AP Human Geography Vocab Chapter 1 Rubenstein

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Globalization
Actions or processes that involve the entire world and result in making something worldwide in scope.
Arithmetic Density
The total number of people divided by the total land area,
Agricultural Density
The ratio of the number of farmers to the total amount of land suitable for agriculture.
Base Line
An east-west line designated under the land ordinance of 1875 to facilitate the surveying and numbering of townships in the United States.
Cartography
The science of making maps.
Concentration
The spread of something over a given area.
Connections
Relationships among people and objects across a barrier of space.
Contagious Diffusion
The rapid, widespread diffusion of a feature or trend throughout a population.
Cultural Ecology
Geographic approach that emphasizes human-environment relationships.
Cultural Landscape
Fashioning of a natural landscape by a cultural group.
Culture
The body of customary beliefs, social forms, and material traits that together constitute a groups distinct tradition.
Density
The frequency with which something exists within a given unit of area.
Diffusion
The process of spread of a feature or trend from one place to another over time.
Distance Decay
The diminishing in importance and eventual disappearance of a phenomenon with increasing distance from its origin.
Distribution
The arrangement of something across Earth’s surface
Environmental Determinism
A nineteenth- and early twentieth- century approach to the study of geography which argued that the general laws sought by human geographers could be found in the physical sciences. Geography was therefore the study of how the physical environment caused human activities.
Expansion Diffusion
The spread of a feature or trend among people from one area to another in a snowballing process.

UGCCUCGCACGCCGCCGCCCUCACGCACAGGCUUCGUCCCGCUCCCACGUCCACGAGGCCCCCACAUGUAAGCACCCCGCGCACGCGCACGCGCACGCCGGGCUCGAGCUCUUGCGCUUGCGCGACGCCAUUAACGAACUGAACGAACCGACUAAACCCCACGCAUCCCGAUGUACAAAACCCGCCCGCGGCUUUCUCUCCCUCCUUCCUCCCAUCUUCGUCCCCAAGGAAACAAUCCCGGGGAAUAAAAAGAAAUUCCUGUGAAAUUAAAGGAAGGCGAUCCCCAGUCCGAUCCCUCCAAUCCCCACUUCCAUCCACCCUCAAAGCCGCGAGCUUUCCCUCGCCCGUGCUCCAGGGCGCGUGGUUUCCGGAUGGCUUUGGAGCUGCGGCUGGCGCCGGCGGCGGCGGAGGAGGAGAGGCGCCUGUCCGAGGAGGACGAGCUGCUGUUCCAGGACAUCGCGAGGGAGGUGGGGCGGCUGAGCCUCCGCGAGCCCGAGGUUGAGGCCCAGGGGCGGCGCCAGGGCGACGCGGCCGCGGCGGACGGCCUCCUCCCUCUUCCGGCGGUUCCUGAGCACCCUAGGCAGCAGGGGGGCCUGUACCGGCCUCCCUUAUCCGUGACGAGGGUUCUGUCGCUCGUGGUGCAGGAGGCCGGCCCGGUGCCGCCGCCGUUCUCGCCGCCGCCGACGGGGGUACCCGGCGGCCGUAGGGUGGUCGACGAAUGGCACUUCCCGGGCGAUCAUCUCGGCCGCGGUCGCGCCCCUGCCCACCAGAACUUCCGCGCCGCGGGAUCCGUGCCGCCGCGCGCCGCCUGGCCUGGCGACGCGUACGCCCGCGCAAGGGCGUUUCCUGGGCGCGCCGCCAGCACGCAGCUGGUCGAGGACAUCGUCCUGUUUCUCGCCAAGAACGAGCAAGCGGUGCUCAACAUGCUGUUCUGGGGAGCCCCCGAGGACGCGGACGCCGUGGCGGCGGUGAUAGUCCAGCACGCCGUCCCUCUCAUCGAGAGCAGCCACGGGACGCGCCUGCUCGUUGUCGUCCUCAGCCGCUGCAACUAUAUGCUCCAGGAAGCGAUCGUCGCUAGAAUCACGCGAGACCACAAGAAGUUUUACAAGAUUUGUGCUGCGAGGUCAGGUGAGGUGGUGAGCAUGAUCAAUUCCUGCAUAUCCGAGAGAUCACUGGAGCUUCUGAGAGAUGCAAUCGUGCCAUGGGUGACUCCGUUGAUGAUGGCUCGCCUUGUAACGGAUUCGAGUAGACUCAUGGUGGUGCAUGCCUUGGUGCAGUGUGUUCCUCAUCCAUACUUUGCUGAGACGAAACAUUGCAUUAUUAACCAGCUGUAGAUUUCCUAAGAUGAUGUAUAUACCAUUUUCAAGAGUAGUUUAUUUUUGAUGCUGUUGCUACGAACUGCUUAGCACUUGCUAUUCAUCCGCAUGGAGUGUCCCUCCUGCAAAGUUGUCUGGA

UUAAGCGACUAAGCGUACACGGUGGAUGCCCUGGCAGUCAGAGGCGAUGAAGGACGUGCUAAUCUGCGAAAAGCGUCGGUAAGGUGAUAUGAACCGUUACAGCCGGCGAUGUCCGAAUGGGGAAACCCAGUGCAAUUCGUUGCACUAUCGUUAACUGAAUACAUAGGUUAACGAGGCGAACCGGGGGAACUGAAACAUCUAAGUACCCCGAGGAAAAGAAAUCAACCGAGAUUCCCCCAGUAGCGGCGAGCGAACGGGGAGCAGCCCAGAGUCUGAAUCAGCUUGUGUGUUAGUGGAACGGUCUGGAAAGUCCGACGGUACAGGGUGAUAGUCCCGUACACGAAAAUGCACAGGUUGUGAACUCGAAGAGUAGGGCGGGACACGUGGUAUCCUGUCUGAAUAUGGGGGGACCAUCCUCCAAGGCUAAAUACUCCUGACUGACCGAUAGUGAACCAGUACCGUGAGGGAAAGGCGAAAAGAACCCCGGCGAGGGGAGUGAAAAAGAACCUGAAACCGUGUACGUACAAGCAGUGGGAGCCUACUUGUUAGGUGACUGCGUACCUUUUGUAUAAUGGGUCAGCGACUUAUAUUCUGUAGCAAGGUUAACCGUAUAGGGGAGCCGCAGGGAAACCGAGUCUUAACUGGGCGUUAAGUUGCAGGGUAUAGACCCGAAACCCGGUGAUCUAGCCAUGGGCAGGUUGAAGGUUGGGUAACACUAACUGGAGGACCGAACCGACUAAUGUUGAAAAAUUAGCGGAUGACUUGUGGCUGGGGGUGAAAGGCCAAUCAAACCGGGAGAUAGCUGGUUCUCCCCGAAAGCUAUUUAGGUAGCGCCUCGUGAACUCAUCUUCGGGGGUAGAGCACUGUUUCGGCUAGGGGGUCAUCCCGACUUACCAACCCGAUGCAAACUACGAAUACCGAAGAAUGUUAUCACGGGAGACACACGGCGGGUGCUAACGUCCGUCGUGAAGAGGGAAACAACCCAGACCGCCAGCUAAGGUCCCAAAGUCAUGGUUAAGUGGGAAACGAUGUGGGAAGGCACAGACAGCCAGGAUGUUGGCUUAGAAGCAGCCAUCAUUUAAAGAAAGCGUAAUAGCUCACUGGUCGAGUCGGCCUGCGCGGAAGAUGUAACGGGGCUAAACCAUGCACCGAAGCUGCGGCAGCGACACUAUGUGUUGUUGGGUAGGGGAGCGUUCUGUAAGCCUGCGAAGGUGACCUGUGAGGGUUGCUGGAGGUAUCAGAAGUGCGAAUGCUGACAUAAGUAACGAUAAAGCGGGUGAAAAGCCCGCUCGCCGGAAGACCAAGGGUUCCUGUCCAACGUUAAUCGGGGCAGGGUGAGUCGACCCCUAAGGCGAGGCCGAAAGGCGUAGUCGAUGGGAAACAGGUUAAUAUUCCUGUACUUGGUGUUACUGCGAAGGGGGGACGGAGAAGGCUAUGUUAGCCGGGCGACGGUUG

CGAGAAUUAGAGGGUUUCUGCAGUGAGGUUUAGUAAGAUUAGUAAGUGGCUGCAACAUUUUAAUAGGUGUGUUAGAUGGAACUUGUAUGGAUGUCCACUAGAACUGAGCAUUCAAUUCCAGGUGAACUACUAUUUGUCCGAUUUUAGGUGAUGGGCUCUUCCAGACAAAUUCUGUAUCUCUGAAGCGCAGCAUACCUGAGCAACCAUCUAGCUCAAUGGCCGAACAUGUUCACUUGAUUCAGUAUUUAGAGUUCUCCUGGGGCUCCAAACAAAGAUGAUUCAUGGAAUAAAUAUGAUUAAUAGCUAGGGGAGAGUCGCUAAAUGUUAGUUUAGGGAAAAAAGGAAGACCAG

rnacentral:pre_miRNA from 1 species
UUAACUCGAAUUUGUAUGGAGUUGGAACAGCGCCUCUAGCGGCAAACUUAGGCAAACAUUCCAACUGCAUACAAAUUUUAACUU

Formal Region (Homogeneous Region)
An area in which everyone shares one or more distinct characteristics.
Functional Region (Nodal Region)
An area organized around a node or focal point.
Geographic Information System (GIS)
A computer system that stores, organizes, analyzes, and displays geographic data.
Global Positioning System (GPS)
A system that determines the precise point of something on Earth through a series of satellites, tracking stations, and receivers.
Greenwich Mean Time (GMT)
The time in that zone encompassing the prime meridian or 0 longitude.
Hearth
The region from which innovative ideas originate.
Hierarchal Diffusion
The spread of a feature or trend from one person or node to another of power to other persons or places.
International Date line
An arc that for the most part follows 180 longitude although it deviates in several places to avoid dividing land areas. When you cross it eastward the clock moves back 24 hours or one entire day.
Land Ordinance 1875
A law that divided much of the United States into townships to facilitate the sale of land into settlers.
Latitude
The numbering system used to indicate the location of parallels drawn on a globe and measuring the distance north and south of the equator.
Location
The position of anything on Earth’s surface.
Longitude
The numbering system used to indicate the location of meridians drawn on a globe and measuring the distance east and south of the prime meridian.
Map